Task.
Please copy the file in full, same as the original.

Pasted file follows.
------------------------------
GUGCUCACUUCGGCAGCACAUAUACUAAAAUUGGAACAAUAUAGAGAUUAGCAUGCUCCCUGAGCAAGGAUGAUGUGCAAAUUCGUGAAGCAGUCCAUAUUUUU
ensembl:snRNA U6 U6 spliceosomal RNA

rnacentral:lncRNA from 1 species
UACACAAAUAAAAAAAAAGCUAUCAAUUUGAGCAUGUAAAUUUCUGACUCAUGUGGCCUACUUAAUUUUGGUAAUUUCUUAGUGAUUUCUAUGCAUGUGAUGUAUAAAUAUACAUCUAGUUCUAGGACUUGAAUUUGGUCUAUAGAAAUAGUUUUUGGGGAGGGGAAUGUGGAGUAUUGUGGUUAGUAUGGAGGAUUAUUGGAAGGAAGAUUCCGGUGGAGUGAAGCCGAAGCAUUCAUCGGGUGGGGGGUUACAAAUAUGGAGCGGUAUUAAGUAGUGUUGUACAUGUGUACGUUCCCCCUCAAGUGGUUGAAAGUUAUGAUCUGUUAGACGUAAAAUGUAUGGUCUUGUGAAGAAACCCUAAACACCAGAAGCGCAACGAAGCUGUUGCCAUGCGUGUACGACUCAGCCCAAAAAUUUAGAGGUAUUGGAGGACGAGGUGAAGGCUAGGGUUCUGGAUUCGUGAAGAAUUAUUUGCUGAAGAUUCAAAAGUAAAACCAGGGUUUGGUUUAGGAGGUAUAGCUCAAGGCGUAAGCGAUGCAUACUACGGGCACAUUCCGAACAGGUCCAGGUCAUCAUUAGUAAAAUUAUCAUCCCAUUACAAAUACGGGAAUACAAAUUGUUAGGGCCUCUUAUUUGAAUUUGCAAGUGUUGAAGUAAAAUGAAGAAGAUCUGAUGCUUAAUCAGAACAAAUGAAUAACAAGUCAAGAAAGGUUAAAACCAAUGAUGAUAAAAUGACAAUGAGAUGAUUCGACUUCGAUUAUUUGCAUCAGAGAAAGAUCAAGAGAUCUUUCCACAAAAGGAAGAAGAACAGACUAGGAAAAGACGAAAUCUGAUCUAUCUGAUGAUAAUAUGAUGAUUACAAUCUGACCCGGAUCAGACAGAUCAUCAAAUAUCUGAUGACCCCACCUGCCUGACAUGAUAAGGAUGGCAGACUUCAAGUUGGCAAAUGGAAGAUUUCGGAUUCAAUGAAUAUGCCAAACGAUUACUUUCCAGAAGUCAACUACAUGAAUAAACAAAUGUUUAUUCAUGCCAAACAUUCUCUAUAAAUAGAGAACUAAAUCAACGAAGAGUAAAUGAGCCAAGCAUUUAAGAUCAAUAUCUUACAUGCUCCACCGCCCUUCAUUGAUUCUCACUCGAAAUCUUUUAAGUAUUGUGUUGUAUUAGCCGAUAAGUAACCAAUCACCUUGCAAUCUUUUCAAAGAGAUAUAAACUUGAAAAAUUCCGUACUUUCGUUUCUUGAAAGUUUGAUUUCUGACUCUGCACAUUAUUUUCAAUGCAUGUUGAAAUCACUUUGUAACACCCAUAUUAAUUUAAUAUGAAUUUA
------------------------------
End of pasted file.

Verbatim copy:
GUGCUCACUUCGGCAGCACAUAUACUAAAAUUGGAACAAUAUAGAGAUUAGCAUGCUCCCUGAGCAAGGAUGAUGUGCAAAUUCGUGAAGCAGUCCAUAUUUUU
ensembl:snRNA U6 U6 spliceosomal RNA

rnacentral:lncRNA from 1 species
UACACAAAUAAAAAAAAAGCUAUCAAUUUGAGCAUGUAAAUUUCUGACUCAUGUGGCCUACUUAAUUUUGGUAAUUUCUUAGUGAUUUCUAUGCAUGUGAUGUAUAAAUAUACAUCUAGUUCUAGGACUUGAAUUUGGUCUAUAGAAAUAGUUUUUGGGGAGGGGAAUGUGGAGUAUUGUGGUUAGUAUGGAGGAUUAUUGGAAGGAAGAUUCCGGUGGAGUGAAGCCGAAGCAUUCAUCGGGUGGGGGGUUACAAAUAUGGAGCGGUAUUAAGUAGUGUUGUACAUGUGUACGUUCCCCCUCAAGUGGUUGAAAGUUAUGAUCUGUUAGACGUAAAAUGUAUGGUCUUGUGAAGAAACCCUAAACACCAGAAGCGCAACGAAGCUGUUGCCAUGCGUGUACGACUCAGCCCAAAAAUUUAGAGGUAUUGGAGGACGAGGUGAAGGCUAGGGUUCUGGAUUCGUGAAGAAUUAUUUGCUGAAGAUUCAAAAGUAAAACCAGGGUUUGGUUUAGGAGGUAUAGCUCAAGGCGUAAGCGAUGCAUACUACGGGCACAUUCCGAACAGGUCCAGGUCAUCAUUAGUAAAAUUAUCAUCCCAUUACAAAUACGGGAAUACAAAUUGUUAGGGCCUCUUAUUUGAAUUUGCAAGUGUUGAAGUAAAAUGAAGAAGAUCUGAUGCUUAAUCAGAACAAAUGAAUAACAAGUCAAGAAAGGUUAAAACCAAUGAUGAUAAAAUGACAAUGAGAUGAUUCGACUUCGAUUAUUUGCAUCAGAGAAAGAUCAAGAGAUCUUUCCACAAAAGGAAGAAGAACAGACUAGGAAAAGACGAAAUCUGAUCUAUCUGAUGAUAAUAUGAUGAUUACAAUCUGACCCGGAUCAGACAGAUCAUCAAAUAUCUGAUGACCCCACCUGCCUGACAUGAUAAGGAUGGCAGACUUCAAGUUGGCAAAUGGAAGAUUUCGGAUUCAAUGAAUAUGCCAAACGAUUACUUUCCAGAAGUCAACUACAUGAAUAAACAAAUGUUUAUUCAUGCCAAACAUUCUCUAUAAAUAGAGAACUAAAUCAACGAAGAGUAAAUGAGCCAAGCAUUUAAGAUCAAUAUCUUACAUGCUCCACCGCCCUUCAUUGAUUCUCACUCGAAAUCUUUUAAGUAUUGUGUUGUAUUAGCCGAUAAGUAACCAAUCACCUUGCAAUCUUUUCAAAGAGAUAUAAACUUGAAAAAUUCCGUACUUUCGUUUCUUGAAAGUUUGAUUUCUGACUCUGCACAUUAUUUUCAAUGCAUGUUGAAAUCACUUUGUAACACCCAUAUUAAUUUAAUAUGAAUUUA